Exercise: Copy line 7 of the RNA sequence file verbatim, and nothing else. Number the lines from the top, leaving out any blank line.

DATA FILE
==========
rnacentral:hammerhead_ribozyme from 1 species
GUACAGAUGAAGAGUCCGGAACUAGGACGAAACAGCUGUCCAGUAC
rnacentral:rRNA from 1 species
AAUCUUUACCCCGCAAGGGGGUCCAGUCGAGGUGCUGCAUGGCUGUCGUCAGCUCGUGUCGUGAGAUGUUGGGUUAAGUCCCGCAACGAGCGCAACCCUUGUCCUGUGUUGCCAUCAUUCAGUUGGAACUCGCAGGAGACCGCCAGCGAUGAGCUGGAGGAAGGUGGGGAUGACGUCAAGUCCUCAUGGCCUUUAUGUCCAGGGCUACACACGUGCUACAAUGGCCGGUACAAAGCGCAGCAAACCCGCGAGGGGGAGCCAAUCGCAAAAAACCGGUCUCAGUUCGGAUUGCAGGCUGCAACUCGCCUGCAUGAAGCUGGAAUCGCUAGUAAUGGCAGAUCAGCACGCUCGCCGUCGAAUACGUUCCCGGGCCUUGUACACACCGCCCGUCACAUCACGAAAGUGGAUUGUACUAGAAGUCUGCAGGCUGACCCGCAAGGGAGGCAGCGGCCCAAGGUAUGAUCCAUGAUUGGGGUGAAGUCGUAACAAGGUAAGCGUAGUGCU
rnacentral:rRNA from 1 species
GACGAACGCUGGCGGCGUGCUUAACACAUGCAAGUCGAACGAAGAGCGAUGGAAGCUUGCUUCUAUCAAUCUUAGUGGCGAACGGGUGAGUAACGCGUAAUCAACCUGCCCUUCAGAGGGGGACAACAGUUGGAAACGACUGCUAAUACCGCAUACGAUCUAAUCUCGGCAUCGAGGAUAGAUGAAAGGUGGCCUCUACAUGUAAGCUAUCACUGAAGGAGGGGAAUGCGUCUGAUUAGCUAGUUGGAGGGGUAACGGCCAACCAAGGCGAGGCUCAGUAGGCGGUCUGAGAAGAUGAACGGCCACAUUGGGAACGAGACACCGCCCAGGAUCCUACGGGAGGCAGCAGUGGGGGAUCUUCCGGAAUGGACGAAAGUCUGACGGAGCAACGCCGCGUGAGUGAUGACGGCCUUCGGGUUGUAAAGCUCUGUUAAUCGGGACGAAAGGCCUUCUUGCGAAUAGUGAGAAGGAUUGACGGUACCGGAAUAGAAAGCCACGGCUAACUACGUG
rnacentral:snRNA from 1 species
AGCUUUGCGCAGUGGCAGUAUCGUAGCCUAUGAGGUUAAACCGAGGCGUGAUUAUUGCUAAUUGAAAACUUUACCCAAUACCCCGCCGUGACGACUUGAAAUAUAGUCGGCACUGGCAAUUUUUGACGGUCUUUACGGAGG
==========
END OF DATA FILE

rnacentral:snRNA from 1 species